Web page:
The national Triple Zero emergency service network needs to be modernised to include the use of SMS, voice-over-IP, mobile applications and other forms of electronic communications to report emergencies, representatives of Australia's telecommunications industry have urged.
In July the federal government announced it would conduct a review of the voice call-only Triple Zero service to determine its effectiveness in light of advancements in technology.
Communications Minister Malcolm Turnbull at the time pointed to the development of the Emergency+ smartphone app (built by the Triple Zero Awareness Working Group for iOS and Android) - which displays the GPS coordinates of a phone to its owner to read out to the operator - as one way new technology can be leveraged for the national 000 service.
Emergency phone calls are no longer predominantly made from landlines (two-thirds are now made from mobiles) as was the case when the 000 service was established, Turnbull said at the time.
The expectations of users had similarly changed and meant the Government needed to modernise the service to keep up, he said.
In recently published submissions to the review of the Triple Zero network, members of the Australian telecommunications industry warned that consequences would follow any delays to this modernisation.
Telecommunications industry bodies the Communications Alliance and the Australian Mobile Telecommunications Association (AMTA) canvassed a range of regulatory, governance and technological issues with the current operation in their joint submission.
The pair warned that existing limitations to the service - including its voice-only nature - were likely to become more tangible in years to come.
They said the narrow definition of a standard telephone service for the Triple Zero network was hindering the take-up of next generation technologies, and the current system was additionally failing to exploit the capabilities of consumer devices and applications.
The submissions also highlighted the potential of device-based apps to supply health information about a caller to emergency service operators, access their GPS location, and provide incident video and photos to operators
"End users familiar with the use of particular technology devices or applications for their day to day communications may assume that access to ESOs [emergency service operators] is a ‘built in’ component or function of those communications, but in fact they are not," the pair wrote.
"There is growing expectation in the industry that Australia should have an emergency communications service that can adapt flexibly to changing communications patterns based on current and future end-user needs."
Australia appeared to be lagging behind its international peers when it comes to the adoption of next-generation emergency communications, the pair said.
However, the Comms Alliance and AMTA also warned that the introduction of new types of 000 services may not remain free to all users.
"It may not be technically possible to make all future modes of emergency communication to the ESOs completely free. For example, an ‘over the top’ VoIP service running over a mobile or fixed data service may incur data charges for the data service," the pair warned.
"Use of the ‘over the top’ service for emergency communications may not be possible if the underlying data service is suspended, for example, or if available credit is exhausted."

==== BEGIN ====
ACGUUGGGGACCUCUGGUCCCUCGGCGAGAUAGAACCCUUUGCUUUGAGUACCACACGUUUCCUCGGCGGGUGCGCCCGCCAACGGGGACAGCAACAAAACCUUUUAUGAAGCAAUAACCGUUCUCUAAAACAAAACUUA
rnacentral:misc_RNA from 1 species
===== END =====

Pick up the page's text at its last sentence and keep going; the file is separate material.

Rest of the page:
Hoax and non-genuine callers to emergency service operators should be forced to cover any costs, the Comms Alliance and AMTA argued.
"This is no different to the fire brigade charging for the attendance of vehicles to false alarms."
Australia's peak consumer communications representative body, ACCAN, was more cautious about the introduction of new technologies into 000 operations [pdf] in case they "detract from its ease of use and reliability", but did endorse the introduction of SMS and mobile applicaiton capability to the Triple Zero network.
Australia's third largest telco Vodafone said it agreed with the joint Comms Alliance and AMTA submission, but added that access to the 000 service should be available by "any form" of electronic communication, including MMS, social media, and video streaming, alongside SMS and voice calls.
"To fail to meet this expectation could result in serious danger to a person, their property or the community," the telco wrote in its submission [pdf].
Vodafone admitted that while opening up the service to other methods of communication exposed emergency services to an increase in hoax calls, such issues could to some extent be mitigated through a proactive monitoring approach.
" ... there would likely be additional evidence of a genuine event through multiple channels providing clear evidence that a genuine emergency existed," Vodafone wrote.
"In addition, stricter penalties could be put into place to name and shame those who made false claims via social media. Financial penalties and device blocking could also be applied."
Telstra charging unfair fees
Vodafone also took the opportunity to push for a state-based approach to the Triple Zero network, which it said would provide a more timely service and cut down costs for suppliers.
Vodafone complained Telstra was using its current monopoly position as the Triple Zero operator (TZO) to charge "what it wants" for the connection of calls, specifically higher rates to Vodafone than others.
"VHA would then pay the prevailing interconnect rate and not the currently inflated rate charged to VHA by Telstra as the TZO," Vodafone wrote in its submission.
"Telstra does not currently charge the same interconnect fee to each provider and VHA pays a higher rate than another supplier and Telstra has been unwilling to charge VHA the same lower rate."
If the current single, national operator model is to continue, it should be funded entirely by the government and not be reliant on interconnect fees to make up any shortfalls, Vodafone argued.